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  • #16
    Well, either way, aggravated or lethal, it would really effing hurt, which, while usually not being a detractor to any but the most dedicated roleplayers, should be enough of a deterrent in theory going forward.

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    • #17
      As others have said, proving things is difficult, but even Auspex isn't taken as Truth because who knows the true motives of the Auspexer? Auspex is pretty much he said, she said.
      Last edited by Rathamus; 03-17-2017, 03:31 PM.

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      • #18
        To be fair, regarding the hot poker, Im pretty sure most things would catch fire when said poker is forcibly shoved against it. So, maybe not aggravated from the initial stab, but if you hold it there, things are likely to burn. After all, a poker (made of iron) would be glowing red at a higher temperature than it requires for the human body to actually catch fire.

        Edit: After some looking around, it is surprisingly hard to find out the temperature for flesh to actually catch fire. Found out that 500c is enough to ash a human over several hours though, and metals start glowing red around 400c, but become visibly glowing in daylight around 525. Still pretty sure that's enough to ignite someone.
        Last edited by Necrosx; 03-17-2017, 05:22 PM.

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        • #19
          It is difficult to ignite flesh because of water content and the fact that as soon as it burns it turns into carbon which is flame retardant. Burning flesh typically requires additional fuel or using exposure to flame or hot materials. I can verify that even at 500c flesh will not burn from brief exposure, but it is painful. Don't stick your hand in an industrial furnace, kids.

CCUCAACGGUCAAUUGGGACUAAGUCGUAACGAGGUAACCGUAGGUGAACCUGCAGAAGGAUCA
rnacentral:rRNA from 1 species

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          • #20
            Even high power electrocution doesn't set people's skin on fire. Humans are ~80% water I believe and until it takes at least some time to burn away (liquid water instantly evaporating results in an explosion - watch people deep frying turkeys on youtube), so there is little chance of flames until it is at least mostly burned away.
            Water also absorbs huge amounts of energy before turning to steam so the red hot poker would cool fast as it burns away the water, and with all that water content, the flesh would shrink fast as it's lost.

            Vampires are a whole different story and I remember reading in one of the books, maybe even an older edition, that part of the reason they fear fire so much is because their skin IS flammable so I suppose the conclusion to all of this is: Whatever works best in your campaign.

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            • #21
              Sunlight and fire deal damage from a mystical connection. I wouldn't exactly say vampires are more flammable as in they can catch fire and continue to burn without stimulus, but they certainly burn easier. Again that is mysticism rather than any physical properties. That was the last version I read of it. Red hot or molten metal being close enough to fire to have the same effect is house rule territory by necessity, too niche.

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              • #22
                Blush of life means that a vampire's skin is just as flush with fluid as a regular human's; no idea if non-blush would be "dry" or not, but I imagine that unconcoius attempts to "heal" the wound would bring vitae close to the surface of such a wound anyways.

                The whole flamable skin was in Masquerade, which is at least two steps removed from 2e Requiem now. Maybe more if it was an early edition of Masquerade that doesn't apply.

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                • #23
                  Well, I originally didn't think molten metal would work.

                  But if you look in the book, under the Bane of Fire, "molten metal" is specifically listed as +3 damage modifier fire damage.

                  But that's molten. I probably wouldn't qualify a red-hot poker. Molten is defined by being liquefied by high heat.

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